Hacker who leaked GTA VI sentenced to indefinite hospital confinement


In the summer of 2022, the video game industry was rocked by the massive data breach of Grand Theft Auto VI. massive leak of data from Grand Theft Auto VIor GTA VI, owned by Rockstar Games. More than 3 GB of confidential material, including videos and images of the highly anticipated title, flooded the networks to everyone’s surprise. This act was not only a blow to the confidentiality of one of the biggest franchises in the industry, but also a sign of the vulnerability of large companies to cyber-attacks.

The mastermind behind this action was Arion Kurtaj, an 18-year-old Briton belonging to the hacker group called Lapsus$. Kurtaj, previously involved in cyberattacks on other major companies such as Uber and Nvidia, demonstrated an astonishing level of skill and audacity. However, his computer talent of questionable morality came with serious legal problems.

El hacker que filtr贸 GTA VI es condenado a internamiento hospitalario indefinido 41

GTA VI hacker to stay in a psychiatric hospital

According to reports BBCKurtaj has been sentenced to indefinite hospital confinement. The judge, after considering his autism spectrum disorder and a history of violent behavior, declared the very young hacker to be a continuing danger. The court’s decision reflects the complexity of handling cases where computer skills are intertwined with mental health issues.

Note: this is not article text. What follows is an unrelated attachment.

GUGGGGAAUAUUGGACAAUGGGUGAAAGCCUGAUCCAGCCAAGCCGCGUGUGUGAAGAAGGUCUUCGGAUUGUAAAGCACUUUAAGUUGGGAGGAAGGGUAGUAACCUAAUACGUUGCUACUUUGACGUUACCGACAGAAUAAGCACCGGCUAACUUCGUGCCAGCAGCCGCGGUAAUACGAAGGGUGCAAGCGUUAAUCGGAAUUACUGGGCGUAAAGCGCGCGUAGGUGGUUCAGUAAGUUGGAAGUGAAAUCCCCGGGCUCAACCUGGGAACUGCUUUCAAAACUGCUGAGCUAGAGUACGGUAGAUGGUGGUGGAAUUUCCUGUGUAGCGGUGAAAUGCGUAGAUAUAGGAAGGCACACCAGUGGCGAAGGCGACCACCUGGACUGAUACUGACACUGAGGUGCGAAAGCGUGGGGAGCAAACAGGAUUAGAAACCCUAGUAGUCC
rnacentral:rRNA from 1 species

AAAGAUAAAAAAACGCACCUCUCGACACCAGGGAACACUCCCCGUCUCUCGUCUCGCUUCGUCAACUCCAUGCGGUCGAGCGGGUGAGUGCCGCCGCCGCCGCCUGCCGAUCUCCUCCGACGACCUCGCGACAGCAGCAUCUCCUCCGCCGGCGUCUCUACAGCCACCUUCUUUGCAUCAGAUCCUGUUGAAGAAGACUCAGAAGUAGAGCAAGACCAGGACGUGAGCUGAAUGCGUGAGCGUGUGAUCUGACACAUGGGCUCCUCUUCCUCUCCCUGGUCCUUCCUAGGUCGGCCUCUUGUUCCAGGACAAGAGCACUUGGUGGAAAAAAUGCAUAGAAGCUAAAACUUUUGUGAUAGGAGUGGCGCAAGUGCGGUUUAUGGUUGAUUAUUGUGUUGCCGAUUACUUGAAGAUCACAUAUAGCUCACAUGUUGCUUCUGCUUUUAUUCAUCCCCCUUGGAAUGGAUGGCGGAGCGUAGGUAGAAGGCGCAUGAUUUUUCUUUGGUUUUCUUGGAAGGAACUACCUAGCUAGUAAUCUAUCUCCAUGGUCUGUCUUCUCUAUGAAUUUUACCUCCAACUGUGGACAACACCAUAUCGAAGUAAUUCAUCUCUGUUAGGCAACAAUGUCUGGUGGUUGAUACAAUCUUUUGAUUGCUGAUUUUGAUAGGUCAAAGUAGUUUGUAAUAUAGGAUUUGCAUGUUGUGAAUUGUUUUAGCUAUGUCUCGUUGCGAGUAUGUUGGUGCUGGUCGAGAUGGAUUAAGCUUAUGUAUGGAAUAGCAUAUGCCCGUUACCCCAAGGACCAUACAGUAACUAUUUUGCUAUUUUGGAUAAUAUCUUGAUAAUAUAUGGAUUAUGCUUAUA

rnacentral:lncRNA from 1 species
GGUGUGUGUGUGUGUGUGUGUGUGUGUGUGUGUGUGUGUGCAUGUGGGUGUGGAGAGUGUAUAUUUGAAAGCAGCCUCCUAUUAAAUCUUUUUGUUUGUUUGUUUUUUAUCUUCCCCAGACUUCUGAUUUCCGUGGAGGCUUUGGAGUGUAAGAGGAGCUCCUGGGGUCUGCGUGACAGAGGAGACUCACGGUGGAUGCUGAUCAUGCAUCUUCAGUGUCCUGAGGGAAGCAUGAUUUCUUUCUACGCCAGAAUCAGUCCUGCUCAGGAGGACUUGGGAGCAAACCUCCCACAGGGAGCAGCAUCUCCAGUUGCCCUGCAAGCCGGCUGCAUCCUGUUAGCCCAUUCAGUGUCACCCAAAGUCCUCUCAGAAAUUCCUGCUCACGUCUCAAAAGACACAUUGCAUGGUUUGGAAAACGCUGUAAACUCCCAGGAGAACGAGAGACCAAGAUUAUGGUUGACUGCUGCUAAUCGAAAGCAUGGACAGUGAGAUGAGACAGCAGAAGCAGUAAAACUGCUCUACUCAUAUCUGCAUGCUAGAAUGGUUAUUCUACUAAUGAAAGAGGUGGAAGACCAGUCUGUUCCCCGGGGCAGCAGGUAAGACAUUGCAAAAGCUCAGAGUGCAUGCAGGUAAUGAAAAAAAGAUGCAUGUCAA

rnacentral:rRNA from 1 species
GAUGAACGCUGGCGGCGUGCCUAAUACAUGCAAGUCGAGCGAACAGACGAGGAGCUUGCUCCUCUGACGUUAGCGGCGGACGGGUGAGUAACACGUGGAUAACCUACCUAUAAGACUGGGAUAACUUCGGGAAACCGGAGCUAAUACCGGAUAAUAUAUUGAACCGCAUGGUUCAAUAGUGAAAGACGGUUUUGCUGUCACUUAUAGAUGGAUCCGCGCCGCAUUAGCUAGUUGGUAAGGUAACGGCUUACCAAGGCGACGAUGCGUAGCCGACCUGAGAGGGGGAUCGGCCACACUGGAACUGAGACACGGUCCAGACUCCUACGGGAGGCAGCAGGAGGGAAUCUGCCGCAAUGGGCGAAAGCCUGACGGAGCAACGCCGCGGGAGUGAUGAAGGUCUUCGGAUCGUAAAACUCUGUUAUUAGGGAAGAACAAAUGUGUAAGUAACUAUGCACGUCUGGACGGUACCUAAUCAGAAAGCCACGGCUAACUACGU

What is striking about this case is Kurtaj’s ability to continue his criminal activities even while under surveillance. Using such limited and unlikely resources as an Amazon Fire Stick device and a hotel television, he managed to execute the attack on Rockstar Games, demonstrating remarkable intelligence and adaptability.

Although Kurtaj’s defense argued that the hack had not caused significant damage to Rockstar Games, citing the resounding success of the GTA VI trailertrailer, the judge found otherwise. The attack resulted in estimated losses of $5 million for Rockstar, plus thousands of man-hours to recover from the incident and remove the data from the network.

This case also highlights the profile of Lapsus$ members. Most are believed to be teenagers, with another underage member already convicted. These young people, with advanced computer skills but without the maturity to fully understand the consequences of their actions, pose a unique challenge to law enforcement and cybersecurity.